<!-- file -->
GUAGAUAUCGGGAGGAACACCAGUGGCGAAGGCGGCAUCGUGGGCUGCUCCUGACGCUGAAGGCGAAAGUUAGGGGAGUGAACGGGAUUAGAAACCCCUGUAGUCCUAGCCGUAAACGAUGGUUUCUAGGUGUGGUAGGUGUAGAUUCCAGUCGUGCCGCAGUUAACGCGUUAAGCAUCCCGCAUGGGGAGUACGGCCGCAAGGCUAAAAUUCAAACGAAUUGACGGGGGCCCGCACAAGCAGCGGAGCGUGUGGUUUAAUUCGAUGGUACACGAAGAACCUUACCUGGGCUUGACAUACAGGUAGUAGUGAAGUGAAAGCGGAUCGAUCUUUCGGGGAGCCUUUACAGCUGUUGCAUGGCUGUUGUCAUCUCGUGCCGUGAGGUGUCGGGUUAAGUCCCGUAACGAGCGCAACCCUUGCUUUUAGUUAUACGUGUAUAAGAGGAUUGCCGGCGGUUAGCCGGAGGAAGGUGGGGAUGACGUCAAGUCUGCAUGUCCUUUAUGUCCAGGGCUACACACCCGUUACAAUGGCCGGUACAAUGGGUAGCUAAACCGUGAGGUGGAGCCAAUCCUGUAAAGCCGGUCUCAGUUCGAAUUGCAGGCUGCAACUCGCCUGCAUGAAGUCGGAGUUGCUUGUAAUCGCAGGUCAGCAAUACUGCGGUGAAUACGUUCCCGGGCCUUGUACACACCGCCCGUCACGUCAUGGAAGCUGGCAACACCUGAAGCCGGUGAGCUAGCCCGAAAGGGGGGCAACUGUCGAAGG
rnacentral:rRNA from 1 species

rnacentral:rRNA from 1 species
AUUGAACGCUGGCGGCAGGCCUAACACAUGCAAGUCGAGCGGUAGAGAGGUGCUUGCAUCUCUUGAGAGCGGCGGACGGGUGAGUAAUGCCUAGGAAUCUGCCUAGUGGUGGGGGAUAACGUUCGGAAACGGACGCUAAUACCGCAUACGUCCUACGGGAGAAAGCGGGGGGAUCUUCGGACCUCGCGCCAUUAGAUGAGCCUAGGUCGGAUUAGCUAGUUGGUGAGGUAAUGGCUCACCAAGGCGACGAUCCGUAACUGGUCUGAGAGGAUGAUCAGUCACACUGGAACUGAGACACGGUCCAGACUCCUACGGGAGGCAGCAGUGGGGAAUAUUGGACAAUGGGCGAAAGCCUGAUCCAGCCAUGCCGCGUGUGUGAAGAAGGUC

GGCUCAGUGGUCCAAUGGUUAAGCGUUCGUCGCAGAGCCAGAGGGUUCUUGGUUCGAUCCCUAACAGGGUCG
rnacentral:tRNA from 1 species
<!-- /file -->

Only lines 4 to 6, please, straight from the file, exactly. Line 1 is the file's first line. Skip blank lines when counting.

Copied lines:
AUUGAACGCUGGCGGCAGGCCUAACACAUGCAAGUCGAGCGGUAGAGAGGUGCUUGCAUCUCUUGAGAGCGGCGGACGGGUGAGUAAUGCCUAGGAAUCUGCCUAGUGGUGGGGGAUAACGUUCGGAAACGGACGCUAAUACCGCAUACGUCCUACGGGAGAAAGCGGGGGGAUCUUCGGACCUCGCGCCAUUAGAUGAGCCUAGGUCGGAUUAGCUAGUUGGUGAGGUAAUGGCUCACCAAGGCGACGAUCCGUAACUGGUCUGAGAGGAUGAUCAGUCACACUGGAACUGAGACACGGUCCAGACUCCUACGGGAGGCAGCAGUGGGGAAUAUUGGACAAUGGGCGAAAGCCUGAUCCAGCCAUGCCGCGUGUGUGAAGAAGGUC

GGCUCAGUGGUCCAAUGGUUAAGCGUUCGUCGCAGAGCCAGAGGGUUCUUGGUUCGAUCCCUAACAGGGUCG
rnacentral:tRNA from 1 species